Soft tissue refers to the tissues that connect, support or surround the other structures within the foot region.

Soft tissue includes muscles, tendons, ligaments, fascia, nerves, fibrous tissues, fat, and blood vessels.

Whenever a soft tissue injury occurs it generally involves one or more of the following structures via a sprain, strain or direct blow.

  • Muscle – this is the fibre that shortens and lengthens to produce movement in the joints.
  • Tendon – this is the slightly elastic connective tissue that connects the muscle to the bone.
  • Ligament – this is a strong band of inelastic connective tissue that connects bone to bone.

There are a range of soft tissue injuries, the most common being:

  • Bruising – this occurs when a direct force is applied to an area of the body that results in compression and bleeding into the soft tissue.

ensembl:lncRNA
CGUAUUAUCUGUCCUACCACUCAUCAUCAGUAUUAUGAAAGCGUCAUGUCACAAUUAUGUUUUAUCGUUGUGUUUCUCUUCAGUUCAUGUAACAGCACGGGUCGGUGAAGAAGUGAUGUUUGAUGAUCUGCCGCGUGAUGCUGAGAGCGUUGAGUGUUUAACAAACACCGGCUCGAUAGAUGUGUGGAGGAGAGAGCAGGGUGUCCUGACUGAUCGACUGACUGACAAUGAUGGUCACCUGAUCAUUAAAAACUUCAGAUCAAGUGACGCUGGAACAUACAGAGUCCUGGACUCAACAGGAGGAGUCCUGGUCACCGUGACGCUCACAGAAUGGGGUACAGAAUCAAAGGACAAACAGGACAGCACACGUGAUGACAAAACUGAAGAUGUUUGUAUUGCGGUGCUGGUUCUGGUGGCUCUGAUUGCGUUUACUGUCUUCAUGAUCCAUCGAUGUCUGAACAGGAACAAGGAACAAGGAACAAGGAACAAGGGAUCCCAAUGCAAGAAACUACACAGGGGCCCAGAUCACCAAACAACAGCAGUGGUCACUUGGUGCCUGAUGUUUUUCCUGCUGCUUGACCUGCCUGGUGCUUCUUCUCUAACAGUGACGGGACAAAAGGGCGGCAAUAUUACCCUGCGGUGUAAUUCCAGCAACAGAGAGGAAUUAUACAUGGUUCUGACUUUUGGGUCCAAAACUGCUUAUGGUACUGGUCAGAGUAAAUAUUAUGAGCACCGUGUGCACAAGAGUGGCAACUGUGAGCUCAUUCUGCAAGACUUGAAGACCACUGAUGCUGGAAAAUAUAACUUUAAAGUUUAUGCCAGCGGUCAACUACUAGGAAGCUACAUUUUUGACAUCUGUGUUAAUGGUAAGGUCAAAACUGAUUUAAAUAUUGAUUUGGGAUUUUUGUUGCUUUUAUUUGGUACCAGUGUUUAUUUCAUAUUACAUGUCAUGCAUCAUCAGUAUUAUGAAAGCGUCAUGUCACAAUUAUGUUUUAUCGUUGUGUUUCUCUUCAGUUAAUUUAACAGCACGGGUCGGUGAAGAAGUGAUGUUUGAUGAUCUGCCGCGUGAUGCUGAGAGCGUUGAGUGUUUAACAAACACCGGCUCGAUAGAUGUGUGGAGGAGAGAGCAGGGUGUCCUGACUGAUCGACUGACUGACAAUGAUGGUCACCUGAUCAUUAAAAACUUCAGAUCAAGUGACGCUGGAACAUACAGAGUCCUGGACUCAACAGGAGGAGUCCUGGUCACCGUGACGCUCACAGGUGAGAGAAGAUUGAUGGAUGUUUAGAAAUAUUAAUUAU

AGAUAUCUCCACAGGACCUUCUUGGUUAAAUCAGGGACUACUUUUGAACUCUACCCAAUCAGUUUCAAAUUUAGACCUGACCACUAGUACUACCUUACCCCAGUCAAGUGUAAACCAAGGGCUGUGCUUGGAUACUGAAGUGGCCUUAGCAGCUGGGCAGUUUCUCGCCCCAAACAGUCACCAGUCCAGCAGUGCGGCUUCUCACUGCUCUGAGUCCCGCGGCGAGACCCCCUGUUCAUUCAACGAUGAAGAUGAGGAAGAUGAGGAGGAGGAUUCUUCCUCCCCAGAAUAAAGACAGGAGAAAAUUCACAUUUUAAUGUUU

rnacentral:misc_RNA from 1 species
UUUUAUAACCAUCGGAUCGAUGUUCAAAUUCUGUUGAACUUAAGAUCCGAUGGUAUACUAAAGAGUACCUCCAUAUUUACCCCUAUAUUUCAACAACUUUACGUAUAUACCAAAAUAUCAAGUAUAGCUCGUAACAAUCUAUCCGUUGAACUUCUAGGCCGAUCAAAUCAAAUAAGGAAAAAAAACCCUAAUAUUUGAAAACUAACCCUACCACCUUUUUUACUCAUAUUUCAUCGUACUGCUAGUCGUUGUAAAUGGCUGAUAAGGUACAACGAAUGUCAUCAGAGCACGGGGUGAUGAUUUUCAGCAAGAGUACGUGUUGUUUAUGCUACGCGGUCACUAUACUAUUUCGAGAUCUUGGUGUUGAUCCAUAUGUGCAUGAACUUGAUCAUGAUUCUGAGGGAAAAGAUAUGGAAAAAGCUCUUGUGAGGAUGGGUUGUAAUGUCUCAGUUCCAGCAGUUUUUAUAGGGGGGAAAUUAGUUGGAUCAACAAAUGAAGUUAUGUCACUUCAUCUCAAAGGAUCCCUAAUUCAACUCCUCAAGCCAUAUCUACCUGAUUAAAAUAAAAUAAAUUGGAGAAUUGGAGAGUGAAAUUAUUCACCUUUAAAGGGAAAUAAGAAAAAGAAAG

• Sprain – this will happen when a joint is forced beyond its normal range of motion, resulting in overstretching and tearing of the ligament that supports the joint. The indicators of a sprain include swelling, the loss of ability to place weight on the affected area, discolouration and bruising, and the sudden onset of sharp pain.
  • Strain – this is most often caused by muscles overstretching or contracting too quickly, resulting in a partial or complete tear of the muscle and tendon fibres. Clear signs of a strain will be swelling, discolouration with bruising, and pain with movement.

With any soft tissue injury, the most effective way to enhance recovery is to immediately engage the RICE protocol – Rest, Ice, Compression, and Elevation. Following this procedure over a 48 -72 hour period will assist to reduce bleeding and potential damage within the joint.

To support these steps the NO HARM protocol is also recommended – no heat, no alcohol, no running or activity and no massage. By adopting these recommendations, you can decrease the swelling and bleeding in the affected area.

In most circumstances you could expect full recovery from most soft tissue injuries within one to six weeks. In some cases it may be beneficial to seek the advice of a podiatrist when the injury is foot or ankle related and when recovery is slow.

Contact Bentley Podiatry today for more information.